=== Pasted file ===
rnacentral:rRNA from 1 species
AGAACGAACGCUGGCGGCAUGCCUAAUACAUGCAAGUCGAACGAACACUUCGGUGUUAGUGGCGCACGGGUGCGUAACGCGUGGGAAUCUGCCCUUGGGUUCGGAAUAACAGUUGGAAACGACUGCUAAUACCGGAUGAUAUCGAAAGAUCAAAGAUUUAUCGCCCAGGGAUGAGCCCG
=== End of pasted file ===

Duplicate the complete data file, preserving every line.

rnacentral:rRNA from 1 species
AGAACGAACGCUGGCGGCAUGCCUAAUACAUGCAAGUCGAACGAACACUUCGGUGUUAGUGGCGCACGGGUGCGUAACGCGUGGGAAUCUGCCCUUGGGUUCGGAAUAACAGUUGGAAACGACUGCUAAUACCGGAUGAUAUCGAAAGAUCAAAGAUUUAUCGCCCAGGGAUGAGCCCG